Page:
For a band that lasted only four years (from 1976 to 1980, when singer Ian Curtis committed suicide), Joy Division has its cultists. I am one.
There’s something entrancing about the band’s sound — melodic guitar, primitive drums, Peter Hook’s unmistakable bass.
Hook’s new memoir, “Unknown Pleasures: Inside Joy Division,” explores why the band sounded the way it did — and why the sound endures (in bands like Interpol, Cut Copy, Crystal Stilts).
The band’s members were all self-taught, and Hook (above, far right) developed what would become a distinctive bass style. His bass lines led the songs. The guitar followed Curtis’ solemn vocals, the drums kept a backbeat. Not a traditional rock formula.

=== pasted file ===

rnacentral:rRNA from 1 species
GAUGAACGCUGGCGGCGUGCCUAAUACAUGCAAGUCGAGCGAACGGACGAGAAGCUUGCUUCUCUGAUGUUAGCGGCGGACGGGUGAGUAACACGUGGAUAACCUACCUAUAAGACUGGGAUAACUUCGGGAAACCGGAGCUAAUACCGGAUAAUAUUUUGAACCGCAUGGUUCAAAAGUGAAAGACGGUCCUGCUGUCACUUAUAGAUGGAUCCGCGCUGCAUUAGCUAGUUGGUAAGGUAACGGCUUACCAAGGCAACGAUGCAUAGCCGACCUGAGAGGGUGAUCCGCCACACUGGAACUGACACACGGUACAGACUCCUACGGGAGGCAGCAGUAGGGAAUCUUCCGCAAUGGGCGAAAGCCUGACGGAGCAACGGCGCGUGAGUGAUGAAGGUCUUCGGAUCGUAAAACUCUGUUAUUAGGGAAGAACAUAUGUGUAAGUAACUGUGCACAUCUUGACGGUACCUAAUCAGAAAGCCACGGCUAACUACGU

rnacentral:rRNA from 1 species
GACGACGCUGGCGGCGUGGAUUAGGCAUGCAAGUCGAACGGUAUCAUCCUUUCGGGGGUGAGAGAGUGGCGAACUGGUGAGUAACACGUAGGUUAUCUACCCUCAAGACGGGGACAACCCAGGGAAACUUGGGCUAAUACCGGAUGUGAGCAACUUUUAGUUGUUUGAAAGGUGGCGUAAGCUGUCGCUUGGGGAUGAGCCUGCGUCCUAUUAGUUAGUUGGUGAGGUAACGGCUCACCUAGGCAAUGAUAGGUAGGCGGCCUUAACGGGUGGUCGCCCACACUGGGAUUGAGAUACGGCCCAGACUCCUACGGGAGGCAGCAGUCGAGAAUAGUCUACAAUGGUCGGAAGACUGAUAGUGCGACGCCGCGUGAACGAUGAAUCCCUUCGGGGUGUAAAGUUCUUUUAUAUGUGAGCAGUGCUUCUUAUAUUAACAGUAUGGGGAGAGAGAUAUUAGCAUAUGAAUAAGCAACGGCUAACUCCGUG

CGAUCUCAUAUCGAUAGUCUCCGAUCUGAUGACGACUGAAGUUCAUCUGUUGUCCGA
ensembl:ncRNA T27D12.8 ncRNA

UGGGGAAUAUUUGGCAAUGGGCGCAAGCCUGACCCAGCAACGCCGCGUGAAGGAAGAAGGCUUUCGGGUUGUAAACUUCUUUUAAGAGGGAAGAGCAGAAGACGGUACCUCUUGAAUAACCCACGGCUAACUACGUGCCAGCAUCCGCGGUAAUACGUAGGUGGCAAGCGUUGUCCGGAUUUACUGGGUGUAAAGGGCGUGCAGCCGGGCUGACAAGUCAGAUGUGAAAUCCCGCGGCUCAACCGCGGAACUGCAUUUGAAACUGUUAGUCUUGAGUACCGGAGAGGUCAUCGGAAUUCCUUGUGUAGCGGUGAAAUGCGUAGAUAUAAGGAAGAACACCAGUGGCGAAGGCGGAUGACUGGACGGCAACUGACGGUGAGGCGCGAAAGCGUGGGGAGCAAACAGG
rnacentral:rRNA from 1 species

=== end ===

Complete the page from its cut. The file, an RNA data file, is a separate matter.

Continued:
Hook discusses the influence Factory Records producer Martin Hannett had on their debut full-length, 1979’s “Unknown Pleasures.” He tuned the songs to sympathetic keys, so the album felt like one long story.
The book’s best part, though, is Hook’s track-by-track annotation of the album, which he recommends reading with the record on. It’s a mind-blower, like listening to “The Wall” while watching “The Wizard of Oz.”